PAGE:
The meaning of R, R Square, Adjusted R Square, R Square Change and F Change in a regression analysis
Concepts can be easily understood when they are explained in a non-technical way with good examples. We explain what these terms mean using a very simple example.
A researcher is interested in examining university faculty user behaviour of information in Wikipedia as a teaching resource using variables such as Quality, Perceived Ease of Use, and Sharing Attitude of faculty members towards information in Wikipedia. Using these variables, the researcher conducted a multiple linear regression and the output summary is shown in the table below. Variables in the model include:
Independent Variables (Predictors):
- Quality of information in Wikipedia
- Sharing Attitude of faculty members and
- Perceived ease of use of information in Wikipedia
Dependent Variable (Outcome): University faculty member’s User Behaviour
R in a regression analysis is called the correlation coefficient and it is defined as the correlation or relationship between an independent and a dependent variable. It ranges from -1 to +1. An R-value of -1 and +1 indicates respectively a perfect negative and positive relationship between the independent and dependent variable. Thus, an R-value of 0 shows that there is no relationship between these variables. So, depending on your study, the higher the R-value, i.e. closer to -1 or +1, the better the relationship. Most often, it is expressed in percentages.
From table 1, in the first Model, there is a positive relationship between the Quality of information in Wikipedia and the University faculty member’s User Behaviour. In other words, there exist a 0.346 (34.6%) chance that the Quality of information in Wikipedia will enhance the user behaviour of University faculty members.
In the Second Model, both Quality of information and Sharing Attitude have a positive relationship with User behaviour. Their combined effect has a 0.374 (37.4%) chance of increasing User behaviour.
In the final block, there is a 41.9% chance that all the predictor variable increases user behaviour of University faculty members.
It is also known as the coefficient of determination explains the variations in the dependent variable accounted for by the independent variable. It ranges from 0 to 1 but typically expressed as a percentage during interpretation. It is obtained by squaring the R-value described above. In our example,
If R = .520 ; then R square $= .520^2 = .270$
Also if R = .525 ; then R square $= .525^2 = .276$ etc.
So, in model 1, an R square of .270 means 27.0% of the variation or change in User Behaviour is accounted for by the Quality of information in Wikipedia. Similarly, in model 2, 27.6% of the changes in User Behaviour is accounted for by both Quality of information in Wikipedia and the Sharing Attitude of University faculty members.
Finally, we can see that 27.6% of the changes in User Behaviour is accounted for by all the predictor variables in our model. In other words, the R square value is not different from the one in model 2, so Perceived ease of use added no change to the study model.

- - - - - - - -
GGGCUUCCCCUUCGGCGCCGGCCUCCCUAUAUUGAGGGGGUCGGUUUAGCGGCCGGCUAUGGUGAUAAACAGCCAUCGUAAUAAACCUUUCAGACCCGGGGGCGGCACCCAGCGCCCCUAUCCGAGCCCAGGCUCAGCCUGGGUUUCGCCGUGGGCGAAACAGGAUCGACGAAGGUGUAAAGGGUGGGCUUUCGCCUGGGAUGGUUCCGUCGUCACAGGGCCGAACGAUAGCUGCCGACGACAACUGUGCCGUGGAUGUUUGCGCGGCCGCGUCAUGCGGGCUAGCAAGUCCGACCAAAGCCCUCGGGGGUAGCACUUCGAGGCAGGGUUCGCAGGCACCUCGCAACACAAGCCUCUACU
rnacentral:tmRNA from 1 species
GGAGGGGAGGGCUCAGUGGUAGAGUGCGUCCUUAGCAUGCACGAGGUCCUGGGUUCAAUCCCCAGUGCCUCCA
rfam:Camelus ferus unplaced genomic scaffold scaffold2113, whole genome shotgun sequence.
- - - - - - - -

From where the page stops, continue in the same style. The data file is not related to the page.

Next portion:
Since this is about human behaviour and because there are several uncontrollable factors influencing User Behaviour, it is reasonable for the predictor variables to have a 27.6% change in User Behaviour.
Adjusted R Square
Assuming you need a higher R square value, you can simply increase the number of independent variables in your model. In other words, R square increases with an increase in the number of independent variables. To curb this situation, an adjusted R square was introduced. Adjusted R square, as the name implies, adjusts the number of independent variables in the model and only improves when the new variable added improves the model; decreases when the new variable does not affect the model. Most often, adjusted r square is reported for a sufficiently complex model with a lot of predictors.
In our example, each of the predictors added with the exception of Perceived ease of use improved the model, hence the adjusted r square increased. Thus, in our case, 27.6% (see block 2 or 3) of the variations in User Behaviour is explained by Quality of information in Wikipedia and the Sharing Attitude of university faculty members.
#R Square Change You see, as you keep adding more variables to your model in what we called hierarchical regression analysis, you may be interested in finding out the contribution of the new variable in the model.
For example, when Sharing Attitude was added to Quality in model 2, the change in r square was 0.006 meaning Sharing Attitude contributed 0.6% of the variation in User Behaviour.
An F change is a test based on F-test used to determine the significance of an R square change. A significant F change implies the variable added significantly improves the model prediction.
From this explanation, it is easy to see that each of the variables added in block 2 (Sharing Attitude) is significant at a p-value of 0.007. Also, the variable added in block 3 (Perceived ease of use) is not significant since the p-value is greater than 0.05. In other words, only one of these new predictors influences User Behaviour.